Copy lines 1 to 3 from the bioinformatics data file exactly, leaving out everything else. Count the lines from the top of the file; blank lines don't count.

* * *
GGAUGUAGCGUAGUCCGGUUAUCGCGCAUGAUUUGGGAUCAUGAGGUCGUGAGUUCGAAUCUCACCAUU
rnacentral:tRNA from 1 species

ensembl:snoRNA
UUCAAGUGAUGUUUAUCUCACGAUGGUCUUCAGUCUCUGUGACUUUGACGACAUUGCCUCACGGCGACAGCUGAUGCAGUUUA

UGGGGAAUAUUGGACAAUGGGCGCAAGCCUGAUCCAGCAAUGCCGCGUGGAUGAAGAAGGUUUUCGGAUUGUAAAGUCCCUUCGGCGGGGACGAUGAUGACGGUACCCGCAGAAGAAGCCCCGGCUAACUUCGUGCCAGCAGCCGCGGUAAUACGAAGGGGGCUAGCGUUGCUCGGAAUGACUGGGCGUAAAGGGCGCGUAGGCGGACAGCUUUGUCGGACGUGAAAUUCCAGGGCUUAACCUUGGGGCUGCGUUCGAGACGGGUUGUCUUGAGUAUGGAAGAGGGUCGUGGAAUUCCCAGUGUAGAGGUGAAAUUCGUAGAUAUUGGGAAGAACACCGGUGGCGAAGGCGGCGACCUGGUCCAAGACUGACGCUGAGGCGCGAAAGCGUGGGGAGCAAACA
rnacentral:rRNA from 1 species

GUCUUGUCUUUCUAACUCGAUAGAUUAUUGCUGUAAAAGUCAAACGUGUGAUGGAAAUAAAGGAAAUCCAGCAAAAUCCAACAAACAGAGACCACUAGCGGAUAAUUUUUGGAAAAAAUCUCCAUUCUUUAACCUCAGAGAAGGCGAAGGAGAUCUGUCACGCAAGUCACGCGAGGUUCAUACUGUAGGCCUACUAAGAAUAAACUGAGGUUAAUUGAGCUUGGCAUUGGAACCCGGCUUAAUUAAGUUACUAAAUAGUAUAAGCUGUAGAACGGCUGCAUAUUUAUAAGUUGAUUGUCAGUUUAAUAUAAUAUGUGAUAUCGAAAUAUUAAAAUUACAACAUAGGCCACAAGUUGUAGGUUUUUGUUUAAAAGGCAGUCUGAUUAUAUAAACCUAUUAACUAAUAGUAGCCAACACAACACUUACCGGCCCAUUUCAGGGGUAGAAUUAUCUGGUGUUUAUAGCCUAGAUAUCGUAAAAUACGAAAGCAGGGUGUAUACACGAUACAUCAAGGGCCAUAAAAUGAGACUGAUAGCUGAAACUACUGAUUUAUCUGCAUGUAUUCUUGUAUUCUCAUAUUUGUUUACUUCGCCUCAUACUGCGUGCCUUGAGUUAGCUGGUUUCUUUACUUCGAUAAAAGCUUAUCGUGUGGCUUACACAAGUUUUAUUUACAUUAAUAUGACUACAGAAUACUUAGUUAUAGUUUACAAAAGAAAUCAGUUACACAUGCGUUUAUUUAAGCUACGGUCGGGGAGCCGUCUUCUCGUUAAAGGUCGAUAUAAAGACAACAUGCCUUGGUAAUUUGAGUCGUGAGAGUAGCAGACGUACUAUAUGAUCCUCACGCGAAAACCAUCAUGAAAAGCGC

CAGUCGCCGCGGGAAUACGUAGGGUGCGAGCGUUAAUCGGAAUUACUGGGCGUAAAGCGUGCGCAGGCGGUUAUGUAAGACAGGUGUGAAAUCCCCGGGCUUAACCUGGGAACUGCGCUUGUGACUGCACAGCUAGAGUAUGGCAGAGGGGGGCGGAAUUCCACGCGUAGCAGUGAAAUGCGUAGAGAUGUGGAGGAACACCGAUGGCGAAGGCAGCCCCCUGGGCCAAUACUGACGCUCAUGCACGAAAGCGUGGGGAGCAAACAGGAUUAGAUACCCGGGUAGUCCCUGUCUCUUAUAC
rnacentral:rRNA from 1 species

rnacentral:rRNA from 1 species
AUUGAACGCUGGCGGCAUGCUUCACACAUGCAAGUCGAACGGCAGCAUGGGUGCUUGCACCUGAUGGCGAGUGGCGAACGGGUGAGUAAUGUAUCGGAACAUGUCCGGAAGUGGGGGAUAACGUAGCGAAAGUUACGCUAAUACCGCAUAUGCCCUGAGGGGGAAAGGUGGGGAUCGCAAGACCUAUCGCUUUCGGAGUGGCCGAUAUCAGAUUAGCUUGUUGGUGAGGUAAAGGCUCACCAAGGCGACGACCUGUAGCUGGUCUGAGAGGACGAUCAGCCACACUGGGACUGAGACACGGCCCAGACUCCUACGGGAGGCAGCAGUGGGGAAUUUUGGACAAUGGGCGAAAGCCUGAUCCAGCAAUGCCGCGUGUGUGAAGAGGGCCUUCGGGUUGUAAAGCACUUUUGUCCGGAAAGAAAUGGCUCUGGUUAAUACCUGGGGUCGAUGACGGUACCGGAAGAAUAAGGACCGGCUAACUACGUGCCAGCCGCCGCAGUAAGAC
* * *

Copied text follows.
GGAUGUAGCGUAGUCCGGUUAUCGCGCAUGAUUUGGGAUCAUGAGGUCGUGAGUUCGAAUCUCACCAUU
rnacentral:tRNA from 1 species

ensembl:snoRNA